Texas Cop Kills Teen in Car Police Falsely Claimed Was Backing Up in 'Aggressive Manner'
Police chief says body cam footage showed car moving away from cops and not being driven aggressively.
A Balch Springs, Texas, police officer who has not been identified shot and killed 15-year-old Jordan Edwards, who was the passenger in a car police initially insisted was backing down the road toward them "in an aggressive manner," before the police chief contradicted that account, saying the car was driving away from police when the officer shot at it, and was not being driven aggressively.
"It did not meet our core values," Jonathan Haber said, according to DallasNews.com.
Police were responding to a 911 call about "underage kids drunk walking around," according to NBC News.
The officers responsibile for the initial false narrative did not explain why they could not move out of the way. They also said they heard gun shots before the shooting. An attorney for the Edwards family said the surviving teems had heard gun shots at the party to which police were called, and left the home and went to their car because of that.
At a press conference the family attorney, Lee Merritt, insisted the teenagers in the car were not drinking and said they were not being charged with anything nor were they the reason police were called. He said the police account of the event would not hold up to scrutiny, and disputed the idea the car was backing up "in an aggressive manner." The police chief's statement, which came after Merritt's press conference, bear that out.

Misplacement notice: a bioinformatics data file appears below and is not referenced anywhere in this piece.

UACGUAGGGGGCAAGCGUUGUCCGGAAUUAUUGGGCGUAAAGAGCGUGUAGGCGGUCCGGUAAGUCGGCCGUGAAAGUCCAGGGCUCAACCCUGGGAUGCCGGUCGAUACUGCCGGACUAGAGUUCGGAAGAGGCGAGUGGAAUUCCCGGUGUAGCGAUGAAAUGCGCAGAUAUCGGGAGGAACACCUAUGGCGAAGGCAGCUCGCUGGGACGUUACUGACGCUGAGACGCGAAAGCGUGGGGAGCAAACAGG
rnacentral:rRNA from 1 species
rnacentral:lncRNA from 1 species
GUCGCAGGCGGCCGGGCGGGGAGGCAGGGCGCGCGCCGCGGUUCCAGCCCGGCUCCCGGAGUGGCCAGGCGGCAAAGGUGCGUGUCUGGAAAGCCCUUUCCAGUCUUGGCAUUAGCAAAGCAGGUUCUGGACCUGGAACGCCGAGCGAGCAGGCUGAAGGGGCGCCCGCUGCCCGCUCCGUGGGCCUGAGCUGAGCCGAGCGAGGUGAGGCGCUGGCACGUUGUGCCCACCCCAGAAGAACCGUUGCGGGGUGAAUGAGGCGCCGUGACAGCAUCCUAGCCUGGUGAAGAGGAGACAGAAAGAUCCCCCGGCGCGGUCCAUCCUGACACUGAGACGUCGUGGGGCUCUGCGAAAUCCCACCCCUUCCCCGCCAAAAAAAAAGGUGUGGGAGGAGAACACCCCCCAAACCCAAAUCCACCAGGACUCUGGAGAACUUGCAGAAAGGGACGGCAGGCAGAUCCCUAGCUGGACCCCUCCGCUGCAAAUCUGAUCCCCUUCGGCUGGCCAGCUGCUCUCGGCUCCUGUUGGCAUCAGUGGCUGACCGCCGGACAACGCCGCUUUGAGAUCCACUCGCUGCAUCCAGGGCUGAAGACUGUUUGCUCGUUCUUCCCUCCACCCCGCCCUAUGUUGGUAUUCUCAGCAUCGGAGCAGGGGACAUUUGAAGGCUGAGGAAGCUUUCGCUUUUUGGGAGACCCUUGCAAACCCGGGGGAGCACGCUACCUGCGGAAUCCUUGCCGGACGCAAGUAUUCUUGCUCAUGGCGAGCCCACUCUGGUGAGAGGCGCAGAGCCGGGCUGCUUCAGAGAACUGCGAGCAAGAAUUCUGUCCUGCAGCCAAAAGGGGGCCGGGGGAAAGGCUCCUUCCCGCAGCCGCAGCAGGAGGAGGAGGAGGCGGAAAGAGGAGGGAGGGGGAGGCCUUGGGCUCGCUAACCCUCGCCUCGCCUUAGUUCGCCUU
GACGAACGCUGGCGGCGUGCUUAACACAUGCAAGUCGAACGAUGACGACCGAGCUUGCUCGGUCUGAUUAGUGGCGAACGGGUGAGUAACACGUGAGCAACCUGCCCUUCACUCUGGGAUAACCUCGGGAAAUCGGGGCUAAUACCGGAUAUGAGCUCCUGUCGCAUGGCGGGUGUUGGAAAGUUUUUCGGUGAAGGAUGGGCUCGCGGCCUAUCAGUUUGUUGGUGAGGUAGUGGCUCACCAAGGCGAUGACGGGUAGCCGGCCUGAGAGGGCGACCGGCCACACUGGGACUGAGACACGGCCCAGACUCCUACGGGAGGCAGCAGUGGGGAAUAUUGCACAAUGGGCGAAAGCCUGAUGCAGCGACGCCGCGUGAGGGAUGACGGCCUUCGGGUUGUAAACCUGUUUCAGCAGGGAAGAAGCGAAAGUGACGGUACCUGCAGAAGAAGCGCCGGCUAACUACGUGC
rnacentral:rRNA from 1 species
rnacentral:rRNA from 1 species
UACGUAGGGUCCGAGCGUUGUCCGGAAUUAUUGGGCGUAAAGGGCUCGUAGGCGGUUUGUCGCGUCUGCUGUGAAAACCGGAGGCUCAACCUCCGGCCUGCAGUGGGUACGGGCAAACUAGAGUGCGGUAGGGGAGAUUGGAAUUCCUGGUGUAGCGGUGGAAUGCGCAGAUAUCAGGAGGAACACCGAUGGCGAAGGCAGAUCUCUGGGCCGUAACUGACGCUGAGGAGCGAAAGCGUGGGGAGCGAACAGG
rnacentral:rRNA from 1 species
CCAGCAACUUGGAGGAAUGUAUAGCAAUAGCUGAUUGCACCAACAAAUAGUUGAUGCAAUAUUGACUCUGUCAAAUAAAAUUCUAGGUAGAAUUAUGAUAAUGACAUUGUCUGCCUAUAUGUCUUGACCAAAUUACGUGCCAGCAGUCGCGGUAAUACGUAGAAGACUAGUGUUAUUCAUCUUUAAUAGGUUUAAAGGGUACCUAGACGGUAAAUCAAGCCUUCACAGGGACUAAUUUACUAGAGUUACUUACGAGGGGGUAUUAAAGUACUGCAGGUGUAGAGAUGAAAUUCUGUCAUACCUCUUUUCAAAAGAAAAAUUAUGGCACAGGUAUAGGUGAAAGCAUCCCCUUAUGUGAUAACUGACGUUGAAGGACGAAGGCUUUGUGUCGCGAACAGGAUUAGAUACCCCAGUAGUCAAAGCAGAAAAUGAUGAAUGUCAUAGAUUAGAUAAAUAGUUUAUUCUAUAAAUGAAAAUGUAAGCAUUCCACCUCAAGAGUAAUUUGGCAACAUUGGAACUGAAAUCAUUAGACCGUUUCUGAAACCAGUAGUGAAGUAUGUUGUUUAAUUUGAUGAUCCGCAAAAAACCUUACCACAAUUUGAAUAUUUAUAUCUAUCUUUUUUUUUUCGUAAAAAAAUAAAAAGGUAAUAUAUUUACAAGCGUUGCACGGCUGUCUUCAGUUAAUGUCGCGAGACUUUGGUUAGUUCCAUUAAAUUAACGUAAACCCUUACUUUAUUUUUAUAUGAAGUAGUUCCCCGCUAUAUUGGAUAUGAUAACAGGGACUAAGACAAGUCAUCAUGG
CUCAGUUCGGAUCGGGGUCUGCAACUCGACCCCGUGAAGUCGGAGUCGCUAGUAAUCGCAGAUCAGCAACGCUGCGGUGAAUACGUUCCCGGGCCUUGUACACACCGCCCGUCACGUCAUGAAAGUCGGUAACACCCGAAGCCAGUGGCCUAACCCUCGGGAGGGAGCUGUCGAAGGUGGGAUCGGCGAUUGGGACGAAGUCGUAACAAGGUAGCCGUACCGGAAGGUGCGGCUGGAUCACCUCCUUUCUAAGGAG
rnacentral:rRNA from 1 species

A medical examiner ruled Edwards' death a homicide, but as DallasNews.com explains, that doesn't necessarily mean anyone will be charged in the killing—the shooting is being investigated by the Dallas County Sheriff's Department and the district attorney's office. Merritt said he hoped the investigation would be impartial because it was not being conducted by the local police department.
Merritt pre-emptively dismissed attempts to smear Edwards' character, saying he was a straight-A student. "We've heard excuses before in the past: You know why it happens, because the dads aren't present," Merritt said, according to DallasNews.com "That excuse isn't here. Or the kid was violent. That excuse isn't present here."
The high school the ninth grade boy attended, Mesquite High School, said it was postponing a biology exam scheduled for today and had extra counselors on duty at the school.